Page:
This Design Can Be Used For Making Efficient Transceiver Systems



This reference design can be used in the development of an efficient Software Defined Radio(SDR) System

The AD9361 is a high performance, highly integrated radio frequency (RF) Agile transceiver. It is designed for use in 3G and 4G base station applications. Its programmability and wideband capability make it ideal for a broad range of transceiver applications. This reference design is based on the design and development of an isolated signal and power transceiver using AD9361.

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Configurable digital interface


The device combines an RF front end with a flexible mixed-signal baseband section and integrated frequency synthesizers. It simplifies the in-design by providing a configurable digital interface to a processor. The AD9361 receiver LO operates at a frequency ranging from 70 MHz up to 6.0 GHz. The transmitter LO operates for frequency ranging from 47 MHz up to 6.0 GHz. This range covers most licensed and unlicensed bands. Additionally, it supports channels having bandwidths less than 200 kHz to 56 MHz.

Shares a common frequency synthesizer

The receiver section contains all blocks necessary to receive RF signals and convert them to digital data that is usable by a BBP. Two independently controlled channels can receive signals from different sources, allowing the device to be used in multiple-input, multiple-output (MIMO) systems while sharing a common frequency synthesizer.

Customisable front-end receiver

Each channel has three inputs that can be multiplexed to the signal chain. This makes the AD9361 suitable for use in diversity systems with multiple antenna inputs. The receiver is a direct conversion system that contains a low noise amplifier (LNA). It is followed by matched in-phase (I) and quadrature (Q) amplifiers, mixers, and band shaping filters. It converts received signals to baseband for digitization. External LNAs can also be interfaced to the device. This interface can allow designers the flexibility to customize the receiver front end for their specific application.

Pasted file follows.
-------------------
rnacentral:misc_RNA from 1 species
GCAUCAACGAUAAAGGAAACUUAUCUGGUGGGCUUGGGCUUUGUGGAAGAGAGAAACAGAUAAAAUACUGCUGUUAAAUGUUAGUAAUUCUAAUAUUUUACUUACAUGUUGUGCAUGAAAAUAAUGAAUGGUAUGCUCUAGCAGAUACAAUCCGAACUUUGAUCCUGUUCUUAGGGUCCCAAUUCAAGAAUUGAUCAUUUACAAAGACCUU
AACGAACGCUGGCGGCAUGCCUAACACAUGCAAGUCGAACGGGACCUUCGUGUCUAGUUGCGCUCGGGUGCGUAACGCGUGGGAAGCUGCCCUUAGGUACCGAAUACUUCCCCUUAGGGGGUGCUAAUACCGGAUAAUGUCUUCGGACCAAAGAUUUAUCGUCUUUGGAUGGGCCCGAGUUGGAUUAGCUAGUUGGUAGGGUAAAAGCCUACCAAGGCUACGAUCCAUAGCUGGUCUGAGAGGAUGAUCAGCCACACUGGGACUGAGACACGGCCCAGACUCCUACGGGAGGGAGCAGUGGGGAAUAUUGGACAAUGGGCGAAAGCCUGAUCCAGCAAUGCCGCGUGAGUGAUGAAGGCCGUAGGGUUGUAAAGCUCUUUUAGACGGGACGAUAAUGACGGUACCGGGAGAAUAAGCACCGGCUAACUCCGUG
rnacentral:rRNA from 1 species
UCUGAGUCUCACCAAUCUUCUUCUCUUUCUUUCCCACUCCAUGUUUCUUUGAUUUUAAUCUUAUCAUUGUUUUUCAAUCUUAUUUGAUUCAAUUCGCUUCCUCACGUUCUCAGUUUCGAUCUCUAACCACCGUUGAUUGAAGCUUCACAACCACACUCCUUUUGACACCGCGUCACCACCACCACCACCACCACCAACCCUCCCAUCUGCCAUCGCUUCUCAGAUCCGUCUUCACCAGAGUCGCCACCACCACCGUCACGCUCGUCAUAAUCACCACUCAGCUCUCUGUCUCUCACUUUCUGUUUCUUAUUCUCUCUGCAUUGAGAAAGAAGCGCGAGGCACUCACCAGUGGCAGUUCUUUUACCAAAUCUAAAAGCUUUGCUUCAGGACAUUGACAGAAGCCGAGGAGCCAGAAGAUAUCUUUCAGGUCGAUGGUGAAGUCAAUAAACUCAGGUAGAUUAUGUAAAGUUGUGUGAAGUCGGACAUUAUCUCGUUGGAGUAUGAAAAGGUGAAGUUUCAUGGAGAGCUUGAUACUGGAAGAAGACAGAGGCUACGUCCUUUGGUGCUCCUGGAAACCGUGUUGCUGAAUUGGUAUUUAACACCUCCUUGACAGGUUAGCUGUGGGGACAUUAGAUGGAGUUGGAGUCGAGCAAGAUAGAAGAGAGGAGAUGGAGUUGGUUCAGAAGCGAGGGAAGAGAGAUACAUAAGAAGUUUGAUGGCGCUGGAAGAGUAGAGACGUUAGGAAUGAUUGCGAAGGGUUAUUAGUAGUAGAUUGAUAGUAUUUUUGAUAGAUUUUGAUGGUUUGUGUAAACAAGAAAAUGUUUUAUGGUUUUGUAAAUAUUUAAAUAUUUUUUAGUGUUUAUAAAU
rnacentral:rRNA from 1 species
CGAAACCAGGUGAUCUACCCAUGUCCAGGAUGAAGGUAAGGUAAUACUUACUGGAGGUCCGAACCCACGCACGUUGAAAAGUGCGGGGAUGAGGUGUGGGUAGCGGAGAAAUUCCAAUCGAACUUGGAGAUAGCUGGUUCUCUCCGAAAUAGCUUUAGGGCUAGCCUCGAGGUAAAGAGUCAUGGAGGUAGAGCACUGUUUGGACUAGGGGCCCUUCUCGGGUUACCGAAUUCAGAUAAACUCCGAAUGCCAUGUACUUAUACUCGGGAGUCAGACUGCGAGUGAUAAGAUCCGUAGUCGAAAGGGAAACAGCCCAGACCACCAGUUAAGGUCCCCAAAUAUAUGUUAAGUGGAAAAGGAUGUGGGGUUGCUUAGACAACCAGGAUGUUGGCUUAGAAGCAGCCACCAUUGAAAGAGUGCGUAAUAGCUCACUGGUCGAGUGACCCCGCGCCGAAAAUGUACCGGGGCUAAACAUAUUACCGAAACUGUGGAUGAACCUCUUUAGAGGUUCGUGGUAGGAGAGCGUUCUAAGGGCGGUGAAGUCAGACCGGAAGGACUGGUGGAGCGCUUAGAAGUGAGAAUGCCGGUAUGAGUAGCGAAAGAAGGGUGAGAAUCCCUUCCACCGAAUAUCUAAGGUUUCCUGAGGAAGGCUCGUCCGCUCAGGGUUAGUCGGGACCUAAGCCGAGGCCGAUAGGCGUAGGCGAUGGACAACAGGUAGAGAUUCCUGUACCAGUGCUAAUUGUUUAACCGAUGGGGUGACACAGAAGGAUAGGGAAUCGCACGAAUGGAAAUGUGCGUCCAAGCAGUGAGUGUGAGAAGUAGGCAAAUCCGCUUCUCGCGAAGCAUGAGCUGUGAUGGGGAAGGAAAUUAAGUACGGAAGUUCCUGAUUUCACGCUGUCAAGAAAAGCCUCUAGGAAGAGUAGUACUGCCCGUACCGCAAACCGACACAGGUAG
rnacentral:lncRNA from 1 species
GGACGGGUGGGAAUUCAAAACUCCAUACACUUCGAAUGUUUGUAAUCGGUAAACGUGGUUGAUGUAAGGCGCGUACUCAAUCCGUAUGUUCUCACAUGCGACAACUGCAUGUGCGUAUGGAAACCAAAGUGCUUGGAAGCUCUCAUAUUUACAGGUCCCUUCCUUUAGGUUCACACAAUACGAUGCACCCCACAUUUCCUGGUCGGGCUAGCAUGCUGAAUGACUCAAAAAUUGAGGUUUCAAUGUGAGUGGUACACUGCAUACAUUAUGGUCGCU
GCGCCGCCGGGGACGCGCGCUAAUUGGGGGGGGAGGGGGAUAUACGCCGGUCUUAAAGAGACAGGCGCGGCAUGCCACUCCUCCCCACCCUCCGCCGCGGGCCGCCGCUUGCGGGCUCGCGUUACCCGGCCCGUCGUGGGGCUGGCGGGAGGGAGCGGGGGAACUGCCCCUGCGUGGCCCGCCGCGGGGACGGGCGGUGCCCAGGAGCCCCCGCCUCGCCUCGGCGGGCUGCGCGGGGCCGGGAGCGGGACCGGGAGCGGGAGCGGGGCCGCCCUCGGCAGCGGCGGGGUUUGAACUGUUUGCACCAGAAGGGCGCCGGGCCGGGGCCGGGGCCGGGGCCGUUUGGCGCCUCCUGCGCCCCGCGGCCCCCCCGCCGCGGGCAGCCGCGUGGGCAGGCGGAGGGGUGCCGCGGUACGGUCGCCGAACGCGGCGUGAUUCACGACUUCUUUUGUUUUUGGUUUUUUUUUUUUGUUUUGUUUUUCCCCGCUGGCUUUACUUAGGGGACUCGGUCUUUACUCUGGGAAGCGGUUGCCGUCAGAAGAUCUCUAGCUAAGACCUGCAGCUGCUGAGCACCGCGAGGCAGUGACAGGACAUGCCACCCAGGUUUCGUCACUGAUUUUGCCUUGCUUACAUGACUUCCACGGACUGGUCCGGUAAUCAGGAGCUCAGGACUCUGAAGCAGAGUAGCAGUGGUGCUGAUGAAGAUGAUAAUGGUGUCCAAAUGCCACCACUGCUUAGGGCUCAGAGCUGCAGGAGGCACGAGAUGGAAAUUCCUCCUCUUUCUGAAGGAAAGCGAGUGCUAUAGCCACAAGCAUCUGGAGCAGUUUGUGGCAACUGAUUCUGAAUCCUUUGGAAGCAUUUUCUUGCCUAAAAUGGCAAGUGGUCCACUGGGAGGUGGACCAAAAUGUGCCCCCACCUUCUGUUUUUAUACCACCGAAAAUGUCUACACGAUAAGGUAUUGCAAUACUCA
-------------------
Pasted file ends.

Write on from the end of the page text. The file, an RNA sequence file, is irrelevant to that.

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Shares common frequency synthesizers

The transmitter section consists of two identical and independently controlled channels. It provides the processor with all digital processing, mixed-signal, and RF blocks. These processes are necessary to implement a direct conversion system while sharing a common frequency synthesizer. The digital data received from the BBP passes through a fully programmable 128-tap FIR filter with interpolation options. The FIR output is sent to a series of interpolation filters. These filters provide additional filtering and data rate interpolation before reaching the DAC.

Adjustable sampling rate

Each 12-bit DAC has an adjustable sampling rate. Both the I and Q channels are fed to the RF block for upconversion. When converted to baseband analogue signals, the I and Q signals are filtered to remove sampling artefacts. It is then fed to the upconversion mixers. At this point, the I and Q signals are recombined and modulated on the carrier frequency for transmission to the output stage.

Offers a wide range for noise adjustments

The combined signal also passes through analogue filters. It provides additional band shaping. The signal is then transmitted to the output amplifier. Each transmit channel provides a wide attenuation adjustment range with fine granularity. It helps designers in optimizing the signal-to-noise ratio (SNR).

Uses parallel data ports for data transfer

The AD9361 operates using a reference clock. It can be provided by two different sources. The first option is to use a dedicated crystal with a frequency between 19 MHz and 50 MHz. It is connected between the XTALP and XTALN pins. The second option is to connect an external oscillator or clock distribution device (such as the AD9548) to the XTALN pin (with the XTALP pin remaining unconnected). If an external oscillator is used, the frequency can vary between 10 MHz and 80 MHz.

Switching DC-DC Converter Design

The AD9361 data interface uses parallel data ports (P0 and P1) to transfer data between the device and the BBP. The data ports can be configured in either single-ended CMOS format or differential LVDS format. Both formats can be configured in multiple arrangements. It matches system requirements for data ordering and data port connections.

These arrangements include a single-port data bus, dual-port data bus, single data rate, double data rate, and various combinations of data order. It is used to transmit data from different channels across the bus at appropriate times.

Hardware handshake signalling

Bus transfers are controlled using simple hardware handshake signalling. The two ports can be operated in either bidirectional (TDD) mode or full-duplex (FDD) mode. In FDD mode, half the bits are used for transmitting data and half are used for receiving data. This interface can also be configured to use only one of the data ports for applications that do not require high data rates. These applications generally use fewer interface pins.

All the designs and documents are available in the Analog Devices website. The device can be used in many applications including point to point communication systems, Femtocell /picocell/microcell base stations and general-purpose radio systems features.





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